There are 3 types of car seats: rear-facing seats, forward-facing seats, and booster seats. Each seat can come in a variety of different options including convertible car seats in which the seat can evolve from one type to another. In other words, a rear-facing can become a forward-facing, then it can become a booster seat.
Choosing a car seat can be confusing and many parents debate whether you are supposed to go by age, height, or weight when it comes to what type of car seat to use. Here is what the National Highway Traffic Safety Administration (NHTSA) recommends:
Rear-facing is the safest seat for your child. It has a harness and during a crash, it cradles and moves with the child to prevent neck or spine injuries. In Florida, the law is that you have to keep children rear-facing until they are 1 year old, but you should keep your child rear-facing as long as possible. Once your child grows out of the seat’s weight or height limit, you may transition him or her to a forward-facing seat. This can happen anytime from the age of 1-3 years of age, however, it is recommended to keep your child rear-facing until at least 2 years old.
Forward Facing Seats
Forward-facing seats still have a harness and restrict forward moving in the event of a crash. NHTSA recommends a child stay in a forward-facing seat until he or she reaches the weight limit of the forward-facing seat. This usually happens between the ages of 4 and 7. Then the child can transition to the booster seat.
A booster seat positions the seat belt so that it is properly situated over the top of a child’s strongest body parts. The seat belt should be safe across the shoulder and chest of the child as well as the lap belt section on the thighs. Children should stay in a booster seat until they reach the height or weight limit on the seat and can sit properly with his or her back flat on the seat behind them and feet flat on the floor. This usually occurs between the ages of 8 and 12.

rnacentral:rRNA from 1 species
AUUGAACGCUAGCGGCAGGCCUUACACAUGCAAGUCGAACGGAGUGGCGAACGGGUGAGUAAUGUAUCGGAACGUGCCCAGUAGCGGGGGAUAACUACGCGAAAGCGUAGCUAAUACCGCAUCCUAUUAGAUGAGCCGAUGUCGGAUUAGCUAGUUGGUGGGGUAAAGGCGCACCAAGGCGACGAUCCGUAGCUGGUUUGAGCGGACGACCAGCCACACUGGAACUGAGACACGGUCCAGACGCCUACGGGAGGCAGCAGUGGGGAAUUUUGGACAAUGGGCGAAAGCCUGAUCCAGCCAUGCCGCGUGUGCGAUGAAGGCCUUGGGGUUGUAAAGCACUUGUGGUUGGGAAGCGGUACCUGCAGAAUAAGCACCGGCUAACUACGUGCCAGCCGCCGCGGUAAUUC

A child can go without a seat and just use a seat belt once they grow out of the weight limit for the booster seat. This usually happens around 12 years old. However, just because they no longer need a car seat does not mean they can ride freely in the front seat. Because of potential harm from airbags and the likelihood of crashing head-on being more probably, the safest place for anyone under 13 years of age is still the back seat. Though your body is still growing at the suggested age of 13, your bones and muscles are much stronger than those of an infant, toddler, or pre-teen. You’re usually more aware of your body and able to withstand more energy from a car accident than younger children.
If you have any questions or would like more information please visit the NHTSA website or call us at 407-348-2222.